What is Back Pain

Back  Pain-  Complaints of back pain are so common that they are among the top reasons people visit their doctors and miss work.  Back pain can be caused by trauma or injury, excessive activity, osteoporosis, muscle or ligament strains, bulging or ruptured disks, arthritis, skeletal irregularities, spinal stenosis. 

Another cause of long-term (chronic) back pain is “Failed Back Syndrome”, which is:  Chronic pain resulting from unsuccessful back or spine surgery that can radiate to a number of areas.  Causes include nerve damage, scar tissue, muscle irritation, a nerve root that remains compressed (pinched), or a painful joint that is either stimulated or not stabilized during surgery.

Back Pain Signs & Symptoms:

  • Radiating pain
  • Inability to stand upright
  • Pain may increase during sitting
  • Muscle ache
  • Limited flexibility or range of motion of the back

“If you've ever groaned, "Oh, my aching back!", you are not alone. Back pain is one of the most common medical problems, affecting 8 out of 10 people at some point during their lives. Back pain can range from a dull, constant ache to a sudden, sharp pain. Acute back pain comes on suddenly and usually lasts from a few days to a few weeks. Back pain is called chronic if it lasts for more than three months.

Most back pain goes away on its own, though it may take a while. Taking over-the-counter pain relievers and resting can help. However, staying in bed for more than 1 or 2 days can make it worse.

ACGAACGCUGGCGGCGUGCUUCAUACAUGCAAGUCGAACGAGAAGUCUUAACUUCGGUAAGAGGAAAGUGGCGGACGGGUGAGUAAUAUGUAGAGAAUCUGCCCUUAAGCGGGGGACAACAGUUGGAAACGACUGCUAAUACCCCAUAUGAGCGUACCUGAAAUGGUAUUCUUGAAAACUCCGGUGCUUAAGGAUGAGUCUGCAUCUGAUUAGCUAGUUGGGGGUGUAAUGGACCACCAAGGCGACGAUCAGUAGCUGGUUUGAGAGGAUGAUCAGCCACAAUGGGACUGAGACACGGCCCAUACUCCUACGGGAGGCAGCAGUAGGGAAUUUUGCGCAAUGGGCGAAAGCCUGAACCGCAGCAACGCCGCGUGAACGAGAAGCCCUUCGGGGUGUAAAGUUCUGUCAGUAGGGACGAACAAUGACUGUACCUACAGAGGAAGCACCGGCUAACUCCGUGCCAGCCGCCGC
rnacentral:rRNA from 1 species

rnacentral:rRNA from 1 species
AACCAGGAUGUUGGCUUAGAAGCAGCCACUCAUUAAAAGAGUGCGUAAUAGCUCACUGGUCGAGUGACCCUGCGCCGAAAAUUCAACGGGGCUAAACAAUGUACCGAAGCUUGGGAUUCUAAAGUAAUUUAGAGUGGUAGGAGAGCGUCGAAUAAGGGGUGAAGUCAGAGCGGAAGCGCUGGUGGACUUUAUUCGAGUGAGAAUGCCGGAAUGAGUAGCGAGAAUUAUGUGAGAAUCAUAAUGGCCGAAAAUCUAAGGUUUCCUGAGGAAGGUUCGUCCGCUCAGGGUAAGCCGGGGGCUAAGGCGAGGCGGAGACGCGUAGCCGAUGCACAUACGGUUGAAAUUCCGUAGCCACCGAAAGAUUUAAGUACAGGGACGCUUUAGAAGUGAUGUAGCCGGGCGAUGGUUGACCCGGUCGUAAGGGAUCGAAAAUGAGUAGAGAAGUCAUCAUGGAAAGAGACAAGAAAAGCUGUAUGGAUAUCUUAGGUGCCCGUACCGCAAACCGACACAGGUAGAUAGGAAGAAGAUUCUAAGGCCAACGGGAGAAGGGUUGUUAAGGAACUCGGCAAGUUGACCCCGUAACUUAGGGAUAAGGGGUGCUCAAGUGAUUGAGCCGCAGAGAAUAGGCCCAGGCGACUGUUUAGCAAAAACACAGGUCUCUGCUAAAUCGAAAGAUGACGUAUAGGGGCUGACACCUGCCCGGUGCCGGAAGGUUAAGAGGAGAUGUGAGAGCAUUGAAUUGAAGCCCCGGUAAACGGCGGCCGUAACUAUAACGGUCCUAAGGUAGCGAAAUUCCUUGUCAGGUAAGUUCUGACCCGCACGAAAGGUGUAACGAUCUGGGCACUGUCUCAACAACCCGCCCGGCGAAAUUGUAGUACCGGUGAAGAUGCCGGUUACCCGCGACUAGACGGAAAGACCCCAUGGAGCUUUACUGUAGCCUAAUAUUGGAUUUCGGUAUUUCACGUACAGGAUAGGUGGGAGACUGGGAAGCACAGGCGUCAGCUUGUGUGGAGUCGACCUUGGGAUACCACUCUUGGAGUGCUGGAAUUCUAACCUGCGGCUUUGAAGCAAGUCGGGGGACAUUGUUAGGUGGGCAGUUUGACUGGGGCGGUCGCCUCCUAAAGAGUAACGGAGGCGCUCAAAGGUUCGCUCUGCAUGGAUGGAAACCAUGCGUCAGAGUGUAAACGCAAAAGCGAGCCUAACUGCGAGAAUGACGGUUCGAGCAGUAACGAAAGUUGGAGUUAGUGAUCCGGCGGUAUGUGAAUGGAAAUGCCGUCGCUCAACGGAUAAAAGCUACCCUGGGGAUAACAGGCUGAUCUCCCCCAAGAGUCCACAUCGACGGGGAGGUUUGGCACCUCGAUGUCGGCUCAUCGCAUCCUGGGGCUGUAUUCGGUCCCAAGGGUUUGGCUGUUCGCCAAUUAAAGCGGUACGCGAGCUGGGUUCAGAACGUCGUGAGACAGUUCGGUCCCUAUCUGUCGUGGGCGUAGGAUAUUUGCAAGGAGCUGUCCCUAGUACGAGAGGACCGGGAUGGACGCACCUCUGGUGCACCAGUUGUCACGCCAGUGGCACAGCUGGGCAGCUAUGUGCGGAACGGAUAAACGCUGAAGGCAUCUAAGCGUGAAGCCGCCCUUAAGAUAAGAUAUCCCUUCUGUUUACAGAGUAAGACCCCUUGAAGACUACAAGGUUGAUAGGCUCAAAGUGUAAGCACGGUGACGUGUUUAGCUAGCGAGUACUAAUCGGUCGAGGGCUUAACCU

If your back pain is severe or doesn't improve after three days, you should call your health care provider. You should also get medical attention if you have back pain following an injury.

Treatment for back pain depends on what kind of pain you have, and what is causing it. It may include hot or cold packs, exercise, medicines, injections, complementary and alternative treatments, and sometimes surgery”.  – Medline Plus http://www.nlm.nih.gov/medlineplus/backpain.html

 When to see a doctor

Most back pain gradually improves with home treatment and self-care. Although the pain may take several weeks to disappear completely, you should notice some improvement within the first 72 hours of self-care. If not, see your doctor.

In rare cases, back pain can signal a serious medical problem. Seek immediate care if your back pain:

  • Causes new bowel or bladder problems
  • Is associated with pain or throbbing (pulsation) in the abdomen, or fever
  • Follows a fall, blow to your back or other injury

Contact a doctor if your back pain:

  • Is constant or intense, especially at night or when you lie down
  • Spreads down one or both legs, especially if the pain extends below the knee
  • Causes weakness, numbness or tingling in one or both legs
  • Is accompanied by unexplained weight loss
  • Occurs with swelling or redness on your back

Also, see your doctor if you start having back pain for the first time after age 50, or if you have a history of cancer, osteoporosis, steroid use, or drug or alcohol abuse”. – The Mayo Clinic  http://www.mayoclinic.org/diseases-conditions/back-pain/basics/symptoms/con-20020797

Learn more about Low Back Pain from the American Academy of Orthopaedic Surgeons:  http://orthoinfo.aaos.org/topic.cfm?topic=a00311